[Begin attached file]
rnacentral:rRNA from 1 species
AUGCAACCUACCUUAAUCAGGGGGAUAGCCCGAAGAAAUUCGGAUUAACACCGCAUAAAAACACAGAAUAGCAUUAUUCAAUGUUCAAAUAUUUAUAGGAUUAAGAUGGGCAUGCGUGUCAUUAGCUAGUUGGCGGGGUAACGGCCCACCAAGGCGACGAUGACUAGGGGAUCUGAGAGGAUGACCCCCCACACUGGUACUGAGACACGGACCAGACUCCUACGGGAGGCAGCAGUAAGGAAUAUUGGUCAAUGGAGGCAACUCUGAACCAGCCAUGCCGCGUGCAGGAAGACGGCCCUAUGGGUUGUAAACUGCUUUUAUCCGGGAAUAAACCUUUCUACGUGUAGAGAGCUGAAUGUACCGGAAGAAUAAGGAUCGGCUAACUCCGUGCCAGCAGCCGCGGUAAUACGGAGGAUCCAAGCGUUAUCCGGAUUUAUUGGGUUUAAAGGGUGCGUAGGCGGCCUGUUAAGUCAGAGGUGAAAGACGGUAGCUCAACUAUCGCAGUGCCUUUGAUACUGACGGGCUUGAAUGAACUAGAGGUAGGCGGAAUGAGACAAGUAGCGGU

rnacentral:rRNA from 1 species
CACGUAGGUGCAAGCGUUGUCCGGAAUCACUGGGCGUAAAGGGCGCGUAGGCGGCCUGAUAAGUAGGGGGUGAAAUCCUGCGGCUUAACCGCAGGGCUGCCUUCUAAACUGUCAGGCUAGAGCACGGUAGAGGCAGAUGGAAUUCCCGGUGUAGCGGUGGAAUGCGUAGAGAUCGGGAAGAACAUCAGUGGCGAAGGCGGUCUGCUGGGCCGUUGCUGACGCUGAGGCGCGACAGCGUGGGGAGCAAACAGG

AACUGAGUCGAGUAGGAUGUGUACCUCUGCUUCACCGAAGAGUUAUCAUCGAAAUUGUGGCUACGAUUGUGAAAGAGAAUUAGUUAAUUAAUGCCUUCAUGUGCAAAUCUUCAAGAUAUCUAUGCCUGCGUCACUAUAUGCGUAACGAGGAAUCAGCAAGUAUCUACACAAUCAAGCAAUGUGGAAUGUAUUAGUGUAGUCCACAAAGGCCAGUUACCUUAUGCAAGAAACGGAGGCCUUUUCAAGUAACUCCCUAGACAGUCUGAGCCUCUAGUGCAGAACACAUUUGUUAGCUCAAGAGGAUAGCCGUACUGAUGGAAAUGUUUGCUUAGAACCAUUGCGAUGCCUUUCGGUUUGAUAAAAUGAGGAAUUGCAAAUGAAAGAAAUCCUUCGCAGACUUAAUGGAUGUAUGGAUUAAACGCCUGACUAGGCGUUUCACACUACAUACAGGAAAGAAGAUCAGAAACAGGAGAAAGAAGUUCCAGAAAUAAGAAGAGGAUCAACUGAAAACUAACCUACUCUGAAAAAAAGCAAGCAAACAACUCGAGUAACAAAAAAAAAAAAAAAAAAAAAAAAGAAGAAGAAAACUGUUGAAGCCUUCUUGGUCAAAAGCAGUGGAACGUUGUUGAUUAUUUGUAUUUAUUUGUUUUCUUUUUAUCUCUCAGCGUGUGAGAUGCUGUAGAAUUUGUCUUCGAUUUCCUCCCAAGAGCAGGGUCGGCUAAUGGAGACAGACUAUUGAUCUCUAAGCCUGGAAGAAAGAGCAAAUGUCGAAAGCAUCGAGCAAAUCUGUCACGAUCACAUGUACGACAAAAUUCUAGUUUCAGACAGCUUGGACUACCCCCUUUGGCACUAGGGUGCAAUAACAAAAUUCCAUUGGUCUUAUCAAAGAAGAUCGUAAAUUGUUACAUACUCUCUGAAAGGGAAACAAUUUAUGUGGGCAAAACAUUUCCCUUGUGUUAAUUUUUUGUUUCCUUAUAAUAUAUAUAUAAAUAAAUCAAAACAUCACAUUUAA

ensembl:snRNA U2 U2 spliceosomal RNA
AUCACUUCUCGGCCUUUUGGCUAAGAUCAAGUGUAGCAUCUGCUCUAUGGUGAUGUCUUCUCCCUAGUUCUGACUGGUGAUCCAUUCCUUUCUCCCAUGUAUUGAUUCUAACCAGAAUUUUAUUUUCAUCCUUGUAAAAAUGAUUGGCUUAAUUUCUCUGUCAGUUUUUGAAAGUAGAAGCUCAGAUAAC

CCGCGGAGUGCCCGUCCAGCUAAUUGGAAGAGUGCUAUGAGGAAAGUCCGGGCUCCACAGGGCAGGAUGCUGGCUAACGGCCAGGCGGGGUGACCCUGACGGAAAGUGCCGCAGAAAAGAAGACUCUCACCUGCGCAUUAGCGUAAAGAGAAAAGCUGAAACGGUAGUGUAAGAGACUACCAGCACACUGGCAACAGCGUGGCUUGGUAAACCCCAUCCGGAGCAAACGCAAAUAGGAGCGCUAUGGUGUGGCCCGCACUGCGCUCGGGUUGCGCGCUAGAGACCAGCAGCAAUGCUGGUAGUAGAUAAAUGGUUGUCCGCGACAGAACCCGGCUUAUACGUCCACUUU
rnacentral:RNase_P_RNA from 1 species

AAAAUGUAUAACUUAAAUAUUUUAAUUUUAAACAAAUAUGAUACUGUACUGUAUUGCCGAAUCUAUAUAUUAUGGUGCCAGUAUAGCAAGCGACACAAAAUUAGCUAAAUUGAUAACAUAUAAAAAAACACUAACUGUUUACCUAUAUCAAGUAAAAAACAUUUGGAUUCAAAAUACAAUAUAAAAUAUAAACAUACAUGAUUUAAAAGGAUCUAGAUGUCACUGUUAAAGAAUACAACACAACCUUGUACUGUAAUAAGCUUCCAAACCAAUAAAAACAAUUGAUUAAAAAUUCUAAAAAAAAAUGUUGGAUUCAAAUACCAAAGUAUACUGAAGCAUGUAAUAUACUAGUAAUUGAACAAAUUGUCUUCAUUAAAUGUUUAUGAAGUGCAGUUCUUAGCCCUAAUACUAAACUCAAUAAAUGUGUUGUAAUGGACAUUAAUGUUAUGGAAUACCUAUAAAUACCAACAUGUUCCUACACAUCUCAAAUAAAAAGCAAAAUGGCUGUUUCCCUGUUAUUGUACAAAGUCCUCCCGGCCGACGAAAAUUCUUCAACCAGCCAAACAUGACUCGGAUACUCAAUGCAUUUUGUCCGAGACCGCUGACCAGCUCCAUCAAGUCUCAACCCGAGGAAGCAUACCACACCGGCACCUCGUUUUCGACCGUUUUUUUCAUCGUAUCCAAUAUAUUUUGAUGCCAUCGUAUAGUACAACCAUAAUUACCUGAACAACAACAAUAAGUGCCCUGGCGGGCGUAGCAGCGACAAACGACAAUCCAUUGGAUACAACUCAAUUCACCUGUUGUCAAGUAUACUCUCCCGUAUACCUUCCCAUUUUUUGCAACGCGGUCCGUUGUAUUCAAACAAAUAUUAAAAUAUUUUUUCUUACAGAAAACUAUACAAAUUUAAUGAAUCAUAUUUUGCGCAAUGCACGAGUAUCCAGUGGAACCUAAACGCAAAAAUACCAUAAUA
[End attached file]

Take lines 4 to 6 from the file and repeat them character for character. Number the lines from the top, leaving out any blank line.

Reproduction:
CACGUAGGUGCAAGCGUUGUCCGGAAUCACUGGGCGUAAAGGGCGCGUAGGCGGCCUGAUAAGUAGGGGGUGAAAUCCUGCGGCUUAACCGCAGGGCUGCCUUCUAAACUGUCAGGCUAGAGCACGGUAGAGGCAGAUGGAAUUCCCGGUGUAGCGGUGGAAUGCGUAGAGAUCGGGAAGAACAUCAGUGGCGAAGGCGGUCUGCUGGGCCGUUGCUGACGCUGAGGCGCGACAGCGUGGGGAGCAAACAGG

AACUGAGUCGAGUAGGAUGUGUACCUCUGCUUCACCGAAGAGUUAUCAUCGAAAUUGUGGCUACGAUUGUGAAAGAGAAUUAGUUAAUUAAUGCCUUCAUGUGCAAAUCUUCAAGAUAUCUAUGCCUGCGUCACUAUAUGCGUAACGAGGAAUCAGCAAGUAUCUACACAAUCAAGCAAUGUGGAAUGUAUUAGUGUAGUCCACAAAGGCCAGUUACCUUAUGCAAGAAACGGAGGCCUUUUCAAGUAACUCCCUAGACAGUCUGAGCCUCUAGUGCAGAACACAUUUGUUAGCUCAAGAGGAUAGCCGUACUGAUGGAAAUGUUUGCUUAGAACCAUUGCGAUGCCUUUCGGUUUGAUAAAAUGAGGAAUUGCAAAUGAAAGAAAUCCUUCGCAGACUUAAUGGAUGUAUGGAUUAAACGCCUGACUAGGCGUUUCACACUACAUACAGGAAAGAAGAUCAGAAACAGGAGAAAGAAGUUCCAGAAAUAAGAAGAGGAUCAACUGAAAACUAACCUACUCUGAAAAAAAGCAAGCAAACAACUCGAGUAACAAAAAAAAAAAAAAAAAAAAAAAAGAAGAAGAAAACUGUUGAAGCCUUCUUGGUCAAAAGCAGUGGAACGUUGUUGAUUAUUUGUAUUUAUUUGUUUUCUUUUUAUCUCUCAGCGUGUGAGAUGCUGUAGAAUUUGUCUUCGAUUUCCUCCCAAGAGCAGGGUCGGCUAAUGGAGACAGACUAUUGAUCUCUAAGCCUGGAAGAAAGAGCAAAUGUCGAAAGCAUCGAGCAAAUCUGUCACGAUCACAUGUACGACAAAAUUCUAGUUUCAGACAGCUUGGACUACCCCCUUUGGCACUAGGGUGCAAUAACAAAAUUCCAUUGGUCUUAUCAAAGAAGAUCGUAAAUUGUUACAUACUCUCUGAAAGGGAAACAAUUUAUGUGGGCAAAACAUUUCCCUUGUGUUAAUUUUUUGUUUCCUUAUAAUAUAUAUAUAAAUAAAUCAAAACAUCACAUUUAA

ensembl:snRNA U2 U2 spliceosomal RNA